Marcelo Hernandez, a member of the RIW in Translation while he was pursuing his MFA in Creative Writing here at the U, was recently honored by Poets & Writers for his work on the “Undocupoets” project. As poetic warriors of sorts, Marcelo and his partners are fighting for undocumented poets to be institutionally recognized in the US.
In her article “Rethinking Poetic Citizenship,” Momo Chang writes, “Aside from contests, undocumented writers face other kinds of hurdles in the literary world. Marcelo Hernandez Castillo, one of the petition organizers, is the first undocumented writer to graduate from the University of Michigan’s MFA program. As Castillo discovered, applying to graduate school can be a process fraught with complications for undocumented students—from presenting the necessary identification to take the GRE, to applying for funding, to simply relocating to another state. Having overcome these issues, Castillo is particularly committed to mentoring other undocumented writers through the application process, which can be as uncomfortable as it is complex for people who have been taught to keep a low profile. Castillo, who became a permanent resident last year, understands how paralyzed undocumented immigrants can feel by the need to stay invisible. When he was five, he crossed the border from Tijuana into San Diego with his father and pregnant mother, both migrant farmworkers, along with his brother and sister, who dressed as a boy to avoid drawing additional attention. ‘I knew from day one what kinds of things I shouldn’t do, that my father was in danger every time he was behind the wheel, that in the fields there were a lot of immigration raids,’ he says. ‘It made me grow up very quick.’”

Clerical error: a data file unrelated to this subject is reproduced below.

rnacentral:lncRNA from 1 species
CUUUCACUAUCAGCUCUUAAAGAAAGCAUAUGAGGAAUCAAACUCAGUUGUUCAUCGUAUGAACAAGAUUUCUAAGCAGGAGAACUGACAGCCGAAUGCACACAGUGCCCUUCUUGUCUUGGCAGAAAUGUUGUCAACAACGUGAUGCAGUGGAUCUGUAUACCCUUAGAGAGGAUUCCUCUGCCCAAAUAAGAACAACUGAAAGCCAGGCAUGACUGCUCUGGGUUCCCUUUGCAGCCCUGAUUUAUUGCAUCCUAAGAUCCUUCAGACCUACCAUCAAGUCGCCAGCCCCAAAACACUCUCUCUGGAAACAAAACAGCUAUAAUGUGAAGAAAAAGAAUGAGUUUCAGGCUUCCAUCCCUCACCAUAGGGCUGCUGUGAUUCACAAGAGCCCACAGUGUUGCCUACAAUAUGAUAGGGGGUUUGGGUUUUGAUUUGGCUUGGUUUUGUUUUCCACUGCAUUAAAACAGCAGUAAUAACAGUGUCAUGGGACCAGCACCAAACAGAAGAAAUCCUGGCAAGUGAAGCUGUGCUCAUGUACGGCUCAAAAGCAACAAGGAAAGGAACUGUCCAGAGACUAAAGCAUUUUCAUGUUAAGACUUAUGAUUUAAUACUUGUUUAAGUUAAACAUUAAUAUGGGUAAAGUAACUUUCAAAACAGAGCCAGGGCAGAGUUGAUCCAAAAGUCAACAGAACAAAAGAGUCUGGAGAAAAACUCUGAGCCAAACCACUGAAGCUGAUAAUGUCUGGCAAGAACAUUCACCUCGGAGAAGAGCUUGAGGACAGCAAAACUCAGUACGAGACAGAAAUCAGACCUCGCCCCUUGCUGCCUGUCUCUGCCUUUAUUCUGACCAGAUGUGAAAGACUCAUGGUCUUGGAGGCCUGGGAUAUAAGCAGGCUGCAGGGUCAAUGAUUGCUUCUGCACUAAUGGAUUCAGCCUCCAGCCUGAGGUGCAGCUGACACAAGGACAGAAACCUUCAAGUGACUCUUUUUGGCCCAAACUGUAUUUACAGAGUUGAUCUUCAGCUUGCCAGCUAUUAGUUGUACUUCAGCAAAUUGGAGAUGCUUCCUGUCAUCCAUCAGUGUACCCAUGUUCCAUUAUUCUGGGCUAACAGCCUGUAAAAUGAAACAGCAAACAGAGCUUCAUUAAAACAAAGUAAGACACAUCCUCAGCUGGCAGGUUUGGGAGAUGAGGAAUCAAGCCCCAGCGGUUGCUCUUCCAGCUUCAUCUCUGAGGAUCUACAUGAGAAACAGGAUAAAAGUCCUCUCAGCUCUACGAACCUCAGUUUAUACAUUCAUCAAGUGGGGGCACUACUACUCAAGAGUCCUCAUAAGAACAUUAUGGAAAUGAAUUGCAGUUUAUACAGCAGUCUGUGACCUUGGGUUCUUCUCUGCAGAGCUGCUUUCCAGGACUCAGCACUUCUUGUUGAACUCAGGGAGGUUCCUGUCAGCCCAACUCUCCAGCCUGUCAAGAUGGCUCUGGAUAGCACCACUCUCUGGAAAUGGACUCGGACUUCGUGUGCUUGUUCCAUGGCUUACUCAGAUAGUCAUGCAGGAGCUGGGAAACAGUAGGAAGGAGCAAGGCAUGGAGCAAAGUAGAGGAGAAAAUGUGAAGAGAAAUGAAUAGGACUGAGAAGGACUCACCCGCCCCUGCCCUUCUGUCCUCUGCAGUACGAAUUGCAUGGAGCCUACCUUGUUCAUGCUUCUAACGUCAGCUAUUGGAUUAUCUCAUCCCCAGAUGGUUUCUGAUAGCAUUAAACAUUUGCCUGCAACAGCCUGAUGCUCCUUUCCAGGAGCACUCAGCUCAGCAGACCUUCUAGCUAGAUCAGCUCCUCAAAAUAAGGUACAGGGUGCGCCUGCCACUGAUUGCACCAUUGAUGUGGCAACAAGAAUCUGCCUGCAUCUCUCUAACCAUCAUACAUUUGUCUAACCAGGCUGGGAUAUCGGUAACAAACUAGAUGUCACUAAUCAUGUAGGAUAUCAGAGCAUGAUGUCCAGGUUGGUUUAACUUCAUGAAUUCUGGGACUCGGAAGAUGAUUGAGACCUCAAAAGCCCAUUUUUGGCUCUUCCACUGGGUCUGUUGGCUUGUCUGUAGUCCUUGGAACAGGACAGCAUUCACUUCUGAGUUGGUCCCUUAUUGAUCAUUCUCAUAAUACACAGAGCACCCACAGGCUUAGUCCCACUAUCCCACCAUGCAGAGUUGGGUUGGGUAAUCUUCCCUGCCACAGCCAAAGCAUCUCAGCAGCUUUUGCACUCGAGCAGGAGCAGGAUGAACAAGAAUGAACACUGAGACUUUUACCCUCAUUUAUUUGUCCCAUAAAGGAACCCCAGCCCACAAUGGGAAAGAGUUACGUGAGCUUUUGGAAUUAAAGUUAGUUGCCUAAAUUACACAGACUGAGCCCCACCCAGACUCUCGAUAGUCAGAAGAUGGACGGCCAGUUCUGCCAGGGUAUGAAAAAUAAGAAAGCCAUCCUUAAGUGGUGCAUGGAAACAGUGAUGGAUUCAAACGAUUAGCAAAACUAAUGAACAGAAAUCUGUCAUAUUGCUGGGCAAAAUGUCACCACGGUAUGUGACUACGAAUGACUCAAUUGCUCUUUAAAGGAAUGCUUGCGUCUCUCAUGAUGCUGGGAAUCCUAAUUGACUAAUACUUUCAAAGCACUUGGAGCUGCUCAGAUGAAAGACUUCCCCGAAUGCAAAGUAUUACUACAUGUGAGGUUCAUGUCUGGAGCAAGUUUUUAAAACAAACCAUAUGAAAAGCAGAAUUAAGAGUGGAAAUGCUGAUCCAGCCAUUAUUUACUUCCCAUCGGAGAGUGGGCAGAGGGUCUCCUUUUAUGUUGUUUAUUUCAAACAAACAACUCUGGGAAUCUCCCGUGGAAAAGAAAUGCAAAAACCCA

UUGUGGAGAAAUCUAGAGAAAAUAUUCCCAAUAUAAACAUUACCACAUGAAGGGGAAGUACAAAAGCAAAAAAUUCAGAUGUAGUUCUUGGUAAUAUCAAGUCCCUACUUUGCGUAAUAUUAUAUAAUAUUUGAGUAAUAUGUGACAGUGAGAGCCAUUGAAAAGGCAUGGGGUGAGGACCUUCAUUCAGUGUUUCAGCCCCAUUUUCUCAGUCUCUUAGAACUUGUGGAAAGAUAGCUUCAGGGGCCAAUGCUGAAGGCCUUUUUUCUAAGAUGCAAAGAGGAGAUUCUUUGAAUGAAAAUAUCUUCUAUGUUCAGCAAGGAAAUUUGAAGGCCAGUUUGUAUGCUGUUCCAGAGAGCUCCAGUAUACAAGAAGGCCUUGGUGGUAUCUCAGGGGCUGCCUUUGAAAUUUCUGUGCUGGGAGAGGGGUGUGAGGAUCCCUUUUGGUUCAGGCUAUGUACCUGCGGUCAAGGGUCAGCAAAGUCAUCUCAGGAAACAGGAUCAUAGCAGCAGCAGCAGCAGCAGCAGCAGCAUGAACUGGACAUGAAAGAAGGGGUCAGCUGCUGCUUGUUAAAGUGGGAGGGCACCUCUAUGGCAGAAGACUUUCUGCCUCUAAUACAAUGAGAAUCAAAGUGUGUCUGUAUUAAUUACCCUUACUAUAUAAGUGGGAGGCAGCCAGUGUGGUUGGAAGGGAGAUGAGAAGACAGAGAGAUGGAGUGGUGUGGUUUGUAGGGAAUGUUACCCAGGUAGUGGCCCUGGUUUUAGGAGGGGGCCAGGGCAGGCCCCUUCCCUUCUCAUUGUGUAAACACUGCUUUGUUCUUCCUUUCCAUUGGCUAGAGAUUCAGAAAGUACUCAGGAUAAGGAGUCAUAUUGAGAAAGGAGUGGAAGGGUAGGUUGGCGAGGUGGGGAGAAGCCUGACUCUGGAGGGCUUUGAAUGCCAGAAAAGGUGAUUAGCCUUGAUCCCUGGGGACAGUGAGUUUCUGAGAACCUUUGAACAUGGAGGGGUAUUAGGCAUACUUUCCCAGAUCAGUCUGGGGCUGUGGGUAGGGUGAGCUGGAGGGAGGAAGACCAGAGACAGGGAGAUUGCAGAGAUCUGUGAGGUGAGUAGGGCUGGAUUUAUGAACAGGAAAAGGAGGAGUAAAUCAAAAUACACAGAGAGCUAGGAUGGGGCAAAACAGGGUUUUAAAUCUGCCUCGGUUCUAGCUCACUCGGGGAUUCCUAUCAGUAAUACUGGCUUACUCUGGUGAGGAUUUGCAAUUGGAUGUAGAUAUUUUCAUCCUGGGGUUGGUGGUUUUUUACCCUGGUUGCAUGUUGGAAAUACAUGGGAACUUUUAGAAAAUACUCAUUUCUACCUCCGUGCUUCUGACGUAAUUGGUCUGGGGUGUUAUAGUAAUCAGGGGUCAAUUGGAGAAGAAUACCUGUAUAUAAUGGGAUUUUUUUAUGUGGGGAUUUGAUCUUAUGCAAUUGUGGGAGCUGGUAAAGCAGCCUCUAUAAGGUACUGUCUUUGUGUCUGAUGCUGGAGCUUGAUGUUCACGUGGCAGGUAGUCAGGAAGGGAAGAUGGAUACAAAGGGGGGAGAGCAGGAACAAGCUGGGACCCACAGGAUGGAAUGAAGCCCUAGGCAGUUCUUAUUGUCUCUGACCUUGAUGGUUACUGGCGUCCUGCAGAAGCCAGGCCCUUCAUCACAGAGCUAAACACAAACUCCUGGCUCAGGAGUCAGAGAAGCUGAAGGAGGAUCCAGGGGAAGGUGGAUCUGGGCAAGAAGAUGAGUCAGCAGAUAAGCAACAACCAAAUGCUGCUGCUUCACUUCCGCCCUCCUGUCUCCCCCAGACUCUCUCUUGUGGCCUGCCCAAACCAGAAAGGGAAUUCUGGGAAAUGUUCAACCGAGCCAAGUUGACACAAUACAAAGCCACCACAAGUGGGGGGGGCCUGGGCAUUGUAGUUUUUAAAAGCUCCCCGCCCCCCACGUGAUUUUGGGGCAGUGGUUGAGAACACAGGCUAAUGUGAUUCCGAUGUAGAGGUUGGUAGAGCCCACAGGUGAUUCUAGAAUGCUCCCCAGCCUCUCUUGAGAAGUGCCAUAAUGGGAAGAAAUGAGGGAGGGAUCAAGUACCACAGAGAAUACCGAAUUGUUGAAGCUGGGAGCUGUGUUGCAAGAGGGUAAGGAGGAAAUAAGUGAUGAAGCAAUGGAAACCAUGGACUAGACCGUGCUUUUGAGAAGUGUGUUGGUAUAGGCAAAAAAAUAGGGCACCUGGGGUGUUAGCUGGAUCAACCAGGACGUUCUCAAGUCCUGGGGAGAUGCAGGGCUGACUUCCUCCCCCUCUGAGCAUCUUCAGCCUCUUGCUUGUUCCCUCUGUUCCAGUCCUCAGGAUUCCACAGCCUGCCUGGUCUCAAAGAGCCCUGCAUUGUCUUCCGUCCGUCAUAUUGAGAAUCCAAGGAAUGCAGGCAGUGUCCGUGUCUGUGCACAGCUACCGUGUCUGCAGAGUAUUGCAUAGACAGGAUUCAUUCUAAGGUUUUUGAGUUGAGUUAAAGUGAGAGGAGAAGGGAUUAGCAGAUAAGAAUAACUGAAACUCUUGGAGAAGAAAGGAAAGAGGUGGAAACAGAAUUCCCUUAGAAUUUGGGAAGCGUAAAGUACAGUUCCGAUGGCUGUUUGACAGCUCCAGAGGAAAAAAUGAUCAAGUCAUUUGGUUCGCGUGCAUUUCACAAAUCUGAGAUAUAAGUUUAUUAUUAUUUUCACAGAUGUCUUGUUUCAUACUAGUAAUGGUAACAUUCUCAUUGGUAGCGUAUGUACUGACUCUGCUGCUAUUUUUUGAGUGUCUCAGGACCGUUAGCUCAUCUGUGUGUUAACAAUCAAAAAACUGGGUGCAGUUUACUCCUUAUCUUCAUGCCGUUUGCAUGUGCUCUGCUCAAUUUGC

We look forward to seeing Marcelo’s work in the future!